4. Almost all of the seceding Southern states made this decision at Constitutional Conventions where a majority of the delegates had been elected on the understanding they would oppose secession

The USA worked as well as it did, because it was built around English settlements where popular elections were part of the assumed norm.

The British state received its final form in 1688 – it was the last time that politics in Britain was successfully changed by armed force or by the threat of it. What was then established was an oligarchy, tightly controlled and with the aristocrats and monarch at the top of it. It was nearly 200 years before it became anything like what we’d now call a democracy. So don’t be surprised that multi-party elections are not an instant fix in societies with no tradition of them.

Before World War One, society was much less equal and democratic expectations much weaker. Woodrow Wilson, who as President brought the USA into World War One, was happy to make this clear in his History of the American People. Discussing the replacement of the original loose union by the famous Constitution that they still live by, he said:

“There was but one way by which the Articles of Confederation, the existing federal law for which this was to be a substitute, could legally be amended: by the unanimous assent of the States. The convention proposed, nevertheless, that the new constitution should go into effect if adopted by nine out of the thirteen; and the Congress, seeing change probably impossible otherwise, sanctioned the proposal.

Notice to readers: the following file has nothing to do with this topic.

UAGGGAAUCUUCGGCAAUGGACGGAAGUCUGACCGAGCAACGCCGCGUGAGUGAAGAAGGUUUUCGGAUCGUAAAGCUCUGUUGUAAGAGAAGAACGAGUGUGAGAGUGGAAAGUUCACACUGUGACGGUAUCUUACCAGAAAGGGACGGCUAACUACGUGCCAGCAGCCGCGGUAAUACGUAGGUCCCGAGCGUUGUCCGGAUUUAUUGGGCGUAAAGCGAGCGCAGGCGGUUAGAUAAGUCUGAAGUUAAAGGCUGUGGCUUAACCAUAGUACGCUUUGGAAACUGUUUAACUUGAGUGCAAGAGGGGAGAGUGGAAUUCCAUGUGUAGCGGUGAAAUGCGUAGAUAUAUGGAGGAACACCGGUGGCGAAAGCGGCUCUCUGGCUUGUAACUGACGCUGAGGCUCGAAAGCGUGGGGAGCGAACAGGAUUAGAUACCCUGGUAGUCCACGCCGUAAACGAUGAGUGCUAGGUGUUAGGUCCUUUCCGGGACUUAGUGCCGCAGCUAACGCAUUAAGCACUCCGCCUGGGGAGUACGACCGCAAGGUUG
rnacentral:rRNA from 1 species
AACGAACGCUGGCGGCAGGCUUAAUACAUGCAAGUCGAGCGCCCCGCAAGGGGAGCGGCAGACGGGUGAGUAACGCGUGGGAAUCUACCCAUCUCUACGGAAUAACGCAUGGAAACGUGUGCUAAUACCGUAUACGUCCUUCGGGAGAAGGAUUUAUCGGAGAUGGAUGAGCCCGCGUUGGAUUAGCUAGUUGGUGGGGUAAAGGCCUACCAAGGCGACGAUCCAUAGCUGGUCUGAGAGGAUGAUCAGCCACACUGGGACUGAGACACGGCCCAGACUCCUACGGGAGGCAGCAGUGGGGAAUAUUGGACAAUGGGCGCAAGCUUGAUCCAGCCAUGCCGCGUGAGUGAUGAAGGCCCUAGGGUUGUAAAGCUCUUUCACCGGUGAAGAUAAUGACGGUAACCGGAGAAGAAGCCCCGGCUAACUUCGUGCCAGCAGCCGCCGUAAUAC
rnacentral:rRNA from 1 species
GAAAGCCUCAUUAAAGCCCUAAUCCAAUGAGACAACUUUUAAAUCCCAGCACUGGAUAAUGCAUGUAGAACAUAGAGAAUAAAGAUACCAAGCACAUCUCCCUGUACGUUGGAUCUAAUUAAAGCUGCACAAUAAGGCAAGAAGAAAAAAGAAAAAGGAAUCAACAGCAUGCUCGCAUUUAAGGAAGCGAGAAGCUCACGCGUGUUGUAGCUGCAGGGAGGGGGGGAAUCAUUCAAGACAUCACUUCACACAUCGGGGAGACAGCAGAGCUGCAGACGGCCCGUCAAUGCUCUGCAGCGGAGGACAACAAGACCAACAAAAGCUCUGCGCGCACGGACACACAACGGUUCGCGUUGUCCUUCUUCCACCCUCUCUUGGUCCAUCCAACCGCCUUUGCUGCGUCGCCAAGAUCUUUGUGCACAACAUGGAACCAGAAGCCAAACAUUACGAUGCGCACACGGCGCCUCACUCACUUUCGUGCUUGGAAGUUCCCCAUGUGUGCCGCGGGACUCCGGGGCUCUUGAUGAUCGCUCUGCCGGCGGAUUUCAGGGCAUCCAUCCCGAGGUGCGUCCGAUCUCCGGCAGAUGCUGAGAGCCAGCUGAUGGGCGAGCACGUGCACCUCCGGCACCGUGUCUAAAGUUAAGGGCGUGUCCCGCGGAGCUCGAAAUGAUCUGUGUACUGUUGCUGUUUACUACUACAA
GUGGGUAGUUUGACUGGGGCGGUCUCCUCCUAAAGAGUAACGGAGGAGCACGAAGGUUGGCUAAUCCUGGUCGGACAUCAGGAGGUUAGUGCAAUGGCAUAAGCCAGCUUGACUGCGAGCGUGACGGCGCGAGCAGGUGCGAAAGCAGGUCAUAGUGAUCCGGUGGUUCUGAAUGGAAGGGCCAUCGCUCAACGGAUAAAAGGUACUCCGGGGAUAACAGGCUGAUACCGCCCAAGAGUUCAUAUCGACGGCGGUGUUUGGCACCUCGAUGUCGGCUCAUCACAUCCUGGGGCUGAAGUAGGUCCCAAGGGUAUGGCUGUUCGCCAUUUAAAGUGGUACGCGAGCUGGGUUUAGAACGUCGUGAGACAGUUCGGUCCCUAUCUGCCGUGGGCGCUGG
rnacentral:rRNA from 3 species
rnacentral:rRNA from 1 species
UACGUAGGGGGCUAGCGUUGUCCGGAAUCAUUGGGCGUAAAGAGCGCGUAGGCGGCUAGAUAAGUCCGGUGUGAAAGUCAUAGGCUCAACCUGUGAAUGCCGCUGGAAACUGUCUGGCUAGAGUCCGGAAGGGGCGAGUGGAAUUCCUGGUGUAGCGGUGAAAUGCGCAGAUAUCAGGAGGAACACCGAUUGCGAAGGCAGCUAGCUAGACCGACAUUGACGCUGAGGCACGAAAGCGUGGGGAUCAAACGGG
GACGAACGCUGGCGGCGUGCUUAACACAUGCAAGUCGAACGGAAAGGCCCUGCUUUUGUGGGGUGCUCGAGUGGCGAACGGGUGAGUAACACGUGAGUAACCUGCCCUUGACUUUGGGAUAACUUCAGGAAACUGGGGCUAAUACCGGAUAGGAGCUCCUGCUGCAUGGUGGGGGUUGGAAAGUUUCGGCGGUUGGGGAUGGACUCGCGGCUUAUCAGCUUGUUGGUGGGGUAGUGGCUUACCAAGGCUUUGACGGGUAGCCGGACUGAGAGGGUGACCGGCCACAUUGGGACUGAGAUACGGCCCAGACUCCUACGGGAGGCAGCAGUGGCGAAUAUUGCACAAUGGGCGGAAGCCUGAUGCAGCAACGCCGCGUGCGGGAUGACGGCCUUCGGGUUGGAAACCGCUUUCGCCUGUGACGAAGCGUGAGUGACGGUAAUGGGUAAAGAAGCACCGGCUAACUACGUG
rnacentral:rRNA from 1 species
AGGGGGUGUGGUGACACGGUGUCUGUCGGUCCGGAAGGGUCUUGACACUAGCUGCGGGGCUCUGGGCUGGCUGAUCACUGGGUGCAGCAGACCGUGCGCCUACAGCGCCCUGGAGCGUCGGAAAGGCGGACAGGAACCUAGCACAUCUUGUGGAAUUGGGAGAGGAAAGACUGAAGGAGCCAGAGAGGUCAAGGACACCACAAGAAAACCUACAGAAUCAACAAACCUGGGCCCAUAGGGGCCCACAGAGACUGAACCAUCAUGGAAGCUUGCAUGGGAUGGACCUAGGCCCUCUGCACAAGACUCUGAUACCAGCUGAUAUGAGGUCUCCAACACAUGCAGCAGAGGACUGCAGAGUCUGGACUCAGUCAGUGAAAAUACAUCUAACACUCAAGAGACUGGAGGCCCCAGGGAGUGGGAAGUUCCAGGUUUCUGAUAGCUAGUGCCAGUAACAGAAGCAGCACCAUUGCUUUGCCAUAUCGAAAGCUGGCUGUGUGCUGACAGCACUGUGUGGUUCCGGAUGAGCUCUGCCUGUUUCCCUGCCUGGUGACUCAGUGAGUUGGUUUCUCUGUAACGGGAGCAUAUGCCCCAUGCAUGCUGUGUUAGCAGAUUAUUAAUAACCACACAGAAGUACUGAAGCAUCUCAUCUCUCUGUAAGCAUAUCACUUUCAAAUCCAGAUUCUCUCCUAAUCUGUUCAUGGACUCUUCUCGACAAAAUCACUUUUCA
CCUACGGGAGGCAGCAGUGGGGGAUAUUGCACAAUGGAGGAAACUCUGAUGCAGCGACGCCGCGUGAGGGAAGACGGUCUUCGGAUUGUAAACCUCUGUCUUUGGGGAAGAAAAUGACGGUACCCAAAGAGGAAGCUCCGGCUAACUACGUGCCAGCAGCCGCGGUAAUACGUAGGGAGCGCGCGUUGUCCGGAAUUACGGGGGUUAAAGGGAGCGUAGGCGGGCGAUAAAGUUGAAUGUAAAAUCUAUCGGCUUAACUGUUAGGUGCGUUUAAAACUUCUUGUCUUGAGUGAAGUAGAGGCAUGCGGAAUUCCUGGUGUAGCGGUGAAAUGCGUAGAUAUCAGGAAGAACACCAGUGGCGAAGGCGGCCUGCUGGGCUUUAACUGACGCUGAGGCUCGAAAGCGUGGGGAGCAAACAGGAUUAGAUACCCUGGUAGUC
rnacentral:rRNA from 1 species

“Fortunately, there was nothing novel in the details of the government proposed. Every practical provision in it, almost without exception, had been borrowed from the experience of the colonies themselves, or from English experience equally familiar:- the single governor, the two legislative houses, the supreme court, the partial equality of the States, the representation of the people, popular elections, brief terms of office, definite, chartered powers.” [F]

Note that he says ‘popular elections’ rather than democratic elections. It was not a democracy when George Washington was elected in 1788. Democracy in the 1780s might have led to the decay of the new USA under the inadequate rules of the ‘Articles of Confederation’. The various states could easily have gone to war over contradictory claims to the lands to the west. Yet it was the politically active class that pushed it through, not the people as a whole:

“No doubt, could there have been a counting of heads the country through, the majority would have been found opposed to the constitution; but the men who were its active and efficient advocates lived at the centres of population, had the best concert of action, filled the mails and the public prints with their writings, were very formidable in debate and fill of tactical resources in the conventions, could win waverers and prevailed.”[F]

Almost Leninist. The new system got going under the Federalists, and with a chain of Vice-Presidents succeeding as President and limiting themselves to two terms, as Washington had done. They could hand over power safely because they all wanted much the same thing – much as leadership has been working in China since Deng Xiaoping. In the USA, the government was democratised only after the state and the new society was solid and secure: